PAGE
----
Bob Davis and Bruce Wilson discuss the role of ASEM in building bridges between Europe and Asia in this public lecture.
It’s now 20 years since the first formal meeting between the European Union (EU) and the Association of Southeast Asian Nations (ASEAN).
Known as ASEM, the Asia Europe Meeting, the leaders of these nations meet every two years. The membership of ASEM has grown from 25 in 1996, to include 51 nations together with the EU and ASEAN in 2016. Australia became a member of ASEM in 2010.
So, ASEM is the largest bi-regional intergovernmental meeting, remarkable as it has no permanent secretariat and no decision-making capacity. Indeed, many advocates for ASEM believe that its informality is one of its greatest strengths.
Alongside the Leaders’ Summit, there are regular meetings of Foreign Ministers (now 18 since 1996), and fewer yet regular meetings of Education, Transport and other governmental actions.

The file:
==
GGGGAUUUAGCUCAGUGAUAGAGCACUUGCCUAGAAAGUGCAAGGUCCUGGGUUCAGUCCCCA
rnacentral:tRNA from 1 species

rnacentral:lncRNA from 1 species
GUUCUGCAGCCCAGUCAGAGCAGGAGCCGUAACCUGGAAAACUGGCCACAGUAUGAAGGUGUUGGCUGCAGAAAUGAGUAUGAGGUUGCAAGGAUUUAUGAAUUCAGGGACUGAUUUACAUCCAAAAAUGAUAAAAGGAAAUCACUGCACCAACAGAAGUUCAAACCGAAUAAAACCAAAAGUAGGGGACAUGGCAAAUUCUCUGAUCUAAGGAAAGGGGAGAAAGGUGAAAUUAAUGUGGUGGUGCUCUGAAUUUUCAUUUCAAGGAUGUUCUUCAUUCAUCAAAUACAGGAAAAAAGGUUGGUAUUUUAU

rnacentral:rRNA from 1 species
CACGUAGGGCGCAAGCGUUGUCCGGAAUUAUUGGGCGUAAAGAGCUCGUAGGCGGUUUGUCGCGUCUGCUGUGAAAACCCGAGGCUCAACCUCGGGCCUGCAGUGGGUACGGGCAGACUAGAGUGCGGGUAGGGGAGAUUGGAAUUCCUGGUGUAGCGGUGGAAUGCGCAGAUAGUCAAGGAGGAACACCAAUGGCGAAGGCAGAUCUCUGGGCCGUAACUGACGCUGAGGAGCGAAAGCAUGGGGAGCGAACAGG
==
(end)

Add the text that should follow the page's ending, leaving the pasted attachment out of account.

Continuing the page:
Given the tensions and opportunities in relationships between European and Asian nations, what role does and might ASEM play in addressing these challenges? Why led Australia to join ASEM, and how does it serve our interests? How might ASEM contribute to addressing global issues such as the implementation of the Sustainable Development Goals? These questions will be addressed in this seminar.
Bob Davis is a senior officer in the Department of Foreign Affairs and Trade, currently Special Adviser in Europe Division. He has extensive experience in the Asia-Pacific region, including Ambassadorial appointments to Myanmar (2005-2008) and Solomon Islands (2001-2003) and earlier postings to Korea and Japan.
Professor Bruce Wilson is Director of the European Union Centre at RMIT, and has participated actively in various ASEM civil society activities. The EU Centre works with European and Asian partners to promote the Sustainable Development Goals, and focus attention on their implementation.
Please RSVP online for catering purposes.